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Winning Ways:
Bringing the Heat

Wednesday, August 18, 1999

By Gregory "Graig" White
SJSports Physical Fitness Advisor

Meet Charles Emanuel, he currently plays safety for the Tampa Bay Buccaneers. Before that, he played in the NFL Europe for the Rhein Fire, where he was seventh on his team in tackles. Before that, he spent 10 weeks with me getting ready.


If you asked Charles what his secret to success is, he would tell you "there is no secret, just work hard." While working with Charles, I was somewhat amazed at his work capacity. Coming off an injury, I thought there would be a slight drop in his willingness to work at a level I needed him to, so that he could be where he needed to be to compete. This guy was bringing the heat and he brought it every day! He never just went through the motions, he knew that everything he was going to get he was going to have to earn.

The first thing we focused on was creating more muscle, the type of muscle that would help get his performance to a level Charles would be had he not been injured. Our protocol consisted of five days and two days off. First thing we did was warm up and stretch before each session. We did a dynamic warm. That consisted of Charles going through movements he would make on the field but under very controlled conditions. We would start by doing a movement at half speed, then go three-quarter speed and then at full speed. By doing this he would work on the skills he would need to compete and also warm the muscle in preparation to lift.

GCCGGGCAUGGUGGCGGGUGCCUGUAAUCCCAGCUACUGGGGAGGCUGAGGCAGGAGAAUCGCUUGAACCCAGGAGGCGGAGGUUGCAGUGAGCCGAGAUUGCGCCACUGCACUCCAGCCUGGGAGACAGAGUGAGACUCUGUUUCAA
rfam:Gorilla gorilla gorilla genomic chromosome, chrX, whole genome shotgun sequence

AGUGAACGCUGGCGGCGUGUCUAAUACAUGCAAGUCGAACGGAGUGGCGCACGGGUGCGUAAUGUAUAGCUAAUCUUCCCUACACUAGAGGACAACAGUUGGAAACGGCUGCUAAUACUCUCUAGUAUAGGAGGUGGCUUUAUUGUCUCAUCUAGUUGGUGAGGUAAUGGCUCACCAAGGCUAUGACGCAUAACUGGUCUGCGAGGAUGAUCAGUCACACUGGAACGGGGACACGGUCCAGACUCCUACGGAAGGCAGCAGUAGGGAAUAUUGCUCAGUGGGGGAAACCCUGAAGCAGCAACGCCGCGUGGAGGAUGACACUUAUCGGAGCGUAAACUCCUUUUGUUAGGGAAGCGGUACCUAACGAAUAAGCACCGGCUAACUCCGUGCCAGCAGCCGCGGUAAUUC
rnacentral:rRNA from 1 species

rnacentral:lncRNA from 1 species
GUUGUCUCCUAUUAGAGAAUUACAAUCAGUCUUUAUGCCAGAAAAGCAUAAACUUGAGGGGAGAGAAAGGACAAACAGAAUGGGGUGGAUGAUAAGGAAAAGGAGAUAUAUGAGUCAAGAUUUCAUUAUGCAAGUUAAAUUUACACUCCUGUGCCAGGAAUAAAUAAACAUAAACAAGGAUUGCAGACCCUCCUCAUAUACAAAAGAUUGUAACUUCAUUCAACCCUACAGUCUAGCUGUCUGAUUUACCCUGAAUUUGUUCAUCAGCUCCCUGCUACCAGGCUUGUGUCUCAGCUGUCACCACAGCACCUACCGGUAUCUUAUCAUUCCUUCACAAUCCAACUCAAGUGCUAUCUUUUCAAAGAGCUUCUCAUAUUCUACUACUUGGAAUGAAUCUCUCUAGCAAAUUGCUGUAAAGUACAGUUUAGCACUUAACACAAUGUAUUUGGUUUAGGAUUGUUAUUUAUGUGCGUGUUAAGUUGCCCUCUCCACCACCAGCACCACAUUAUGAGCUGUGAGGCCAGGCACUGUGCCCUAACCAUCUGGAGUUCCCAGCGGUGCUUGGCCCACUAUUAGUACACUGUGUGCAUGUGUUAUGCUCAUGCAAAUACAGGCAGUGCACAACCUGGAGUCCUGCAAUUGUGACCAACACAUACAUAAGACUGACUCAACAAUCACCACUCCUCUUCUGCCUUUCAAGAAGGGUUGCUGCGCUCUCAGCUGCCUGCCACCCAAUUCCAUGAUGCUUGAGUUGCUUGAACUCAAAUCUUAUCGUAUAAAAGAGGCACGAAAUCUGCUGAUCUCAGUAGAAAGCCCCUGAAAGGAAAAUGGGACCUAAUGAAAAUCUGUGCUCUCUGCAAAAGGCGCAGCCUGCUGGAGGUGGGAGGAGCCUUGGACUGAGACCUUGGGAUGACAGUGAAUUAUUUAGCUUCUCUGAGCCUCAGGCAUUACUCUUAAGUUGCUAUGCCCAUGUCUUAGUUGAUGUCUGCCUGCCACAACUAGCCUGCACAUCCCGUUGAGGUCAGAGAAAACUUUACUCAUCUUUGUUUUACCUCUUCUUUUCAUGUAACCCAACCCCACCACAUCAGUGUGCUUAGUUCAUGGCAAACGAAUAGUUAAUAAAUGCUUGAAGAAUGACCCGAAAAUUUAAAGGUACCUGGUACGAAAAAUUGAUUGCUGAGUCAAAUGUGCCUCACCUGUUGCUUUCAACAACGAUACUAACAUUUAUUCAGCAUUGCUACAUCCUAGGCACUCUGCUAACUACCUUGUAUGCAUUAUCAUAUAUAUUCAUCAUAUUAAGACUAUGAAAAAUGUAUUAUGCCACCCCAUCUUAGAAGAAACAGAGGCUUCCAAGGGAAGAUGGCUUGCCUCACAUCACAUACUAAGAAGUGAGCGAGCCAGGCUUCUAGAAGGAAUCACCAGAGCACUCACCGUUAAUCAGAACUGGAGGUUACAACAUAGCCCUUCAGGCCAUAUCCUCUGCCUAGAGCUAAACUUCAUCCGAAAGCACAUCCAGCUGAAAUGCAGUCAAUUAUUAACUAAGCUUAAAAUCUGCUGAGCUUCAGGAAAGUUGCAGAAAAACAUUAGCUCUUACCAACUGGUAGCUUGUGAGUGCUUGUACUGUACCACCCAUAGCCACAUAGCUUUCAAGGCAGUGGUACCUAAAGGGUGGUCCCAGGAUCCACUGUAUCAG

We didn't have to do a lot of lifts, but the lifts we did were intense. I'm not talking about lifting explosively, we'll save that for some other time. I'm talking about lifting with an intensity that will create a little soreness but nothing that would cause him to re-injure himself or miss his next session. Between sets, we worked to keep the intervals short, no more than 60 seconds. This way the body "learns" to recover in the allotted time.


We lifted four days a week. Wednesday is devoted to cardio work and flexibility. Charles thought it was an off day until he had to endure it. In our protocol Wednesday is "fun day". We don't set foot in the weight room, we run hills, do intervals, row on the rowing machine, anything that is going to get your heart rate up. The key though is to be consistent, that way you can keep track of your progress week to week. One thing we didn't do was form running. As a former running back, when I got the ball, I wasn't thinking about my form, I just wanted to move the ball as far as I could as fast as I could. This doesn't work for everyone, I just thought that our time could be put to better use.